To mitigate the impact of the new bylaw amendments on food and drink establishments, Council approved Mayor Tory’s request for City staff to explore ways the City can support the industry through winter patio options. Council has further voiced support for the Government of Ontario extending Regulation 719 through 2021, so liquor sales licensees can continue to sell beer, wine and spirits as part of a food order for takeout or delivery.
Council also voted to request that the Province of Ontario act to require masks or face coverings in all workplaces where physical distancing for employees and visitors is challenging. The move follows Toronto Public Health identifying that COVID-19 case clusters and outbreaks have occurred among staff and patrons in a diverse range of workplaces. Other provincial government actions supporting businesses endorsed by Council include:
• Working with the province and the insurance industry to support small and medium hospitality businesses by preventing increases to policy cost and premiums
• Urging the province to continue the pause on commercial evictions until the COVID-19 resurgence eases
Existing temporary City of Toronto COVID-19 bylaws were also extended until the end of City Council’s first meeting in 2021. This includes the Physical Distancing in Public Spaces bylaws (322-2020 and 323-2020), the Mandatory Mask or Face Covering bylaws (541-2020 and 664-2020), the Public Health Measures for Bars and Restaurant in Chapter 545, Licensing and the COVID-19 amendments to Chapter 354, Apartment Buildings.
These new bylaw amendments will be enforced by the City’s COVID-19 enforcement team. The enforcement team’s primary goals are reducing the transmission of COVID-19, helping prevent the virus from overwhelming the healthcare system and saving lives through enforcement of emergency orders and bylaws. Enforcement officers are on patrol across the city at all times, in addition to responding to complaints. Complaints can be made through 311.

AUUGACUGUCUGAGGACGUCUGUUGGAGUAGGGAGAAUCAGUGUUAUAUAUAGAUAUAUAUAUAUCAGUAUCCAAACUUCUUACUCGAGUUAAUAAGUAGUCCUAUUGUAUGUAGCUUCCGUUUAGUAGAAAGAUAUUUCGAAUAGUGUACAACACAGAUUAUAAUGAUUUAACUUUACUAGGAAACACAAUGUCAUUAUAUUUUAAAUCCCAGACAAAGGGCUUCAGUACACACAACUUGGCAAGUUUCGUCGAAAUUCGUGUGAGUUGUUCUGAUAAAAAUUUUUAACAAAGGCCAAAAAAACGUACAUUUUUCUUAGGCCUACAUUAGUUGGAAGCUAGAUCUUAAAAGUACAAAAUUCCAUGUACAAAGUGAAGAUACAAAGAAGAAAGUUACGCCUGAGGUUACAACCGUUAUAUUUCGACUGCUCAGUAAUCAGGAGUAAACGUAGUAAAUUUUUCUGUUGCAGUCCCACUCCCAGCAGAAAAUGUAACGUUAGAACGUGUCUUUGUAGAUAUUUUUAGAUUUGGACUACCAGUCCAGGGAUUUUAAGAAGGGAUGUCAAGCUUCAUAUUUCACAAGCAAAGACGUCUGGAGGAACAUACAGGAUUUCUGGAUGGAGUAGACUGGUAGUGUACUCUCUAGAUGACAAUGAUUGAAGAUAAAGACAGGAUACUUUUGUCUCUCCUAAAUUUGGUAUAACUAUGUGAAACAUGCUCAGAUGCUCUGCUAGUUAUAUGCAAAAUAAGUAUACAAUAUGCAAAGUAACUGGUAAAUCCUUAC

Although these strengthened measures are coming into force, all people in Toronto are reminded to adopt steps for self-protection. As much as possible limit contact with anyone you don’t live with. As often as possible, keep at least six feet apart from people you don’t live with and wear a mask when outside your home, especially in indoor settings and when physical distancing is difficult. Wash your hands frequently and remain at home when ill.
“We’re at a tipping point in our fight against COVID-19. The actions that residents and governments take in the days ahead will determine the state of our city in the weeks to come. This afternoon, City Council approved new measures from our Medical Officer of Health to tackle rising cases and transmission. The measures approved today will help to increase safety for workers, customers, and all Torontonians. But our job is not done. We will continue to do everything – absolutely everything – in our power to protect the health of Torontonians,” states Councillor Joe Cressy (Ward 10 Spadina-Fort York), Chair of the Toronto Board of Health.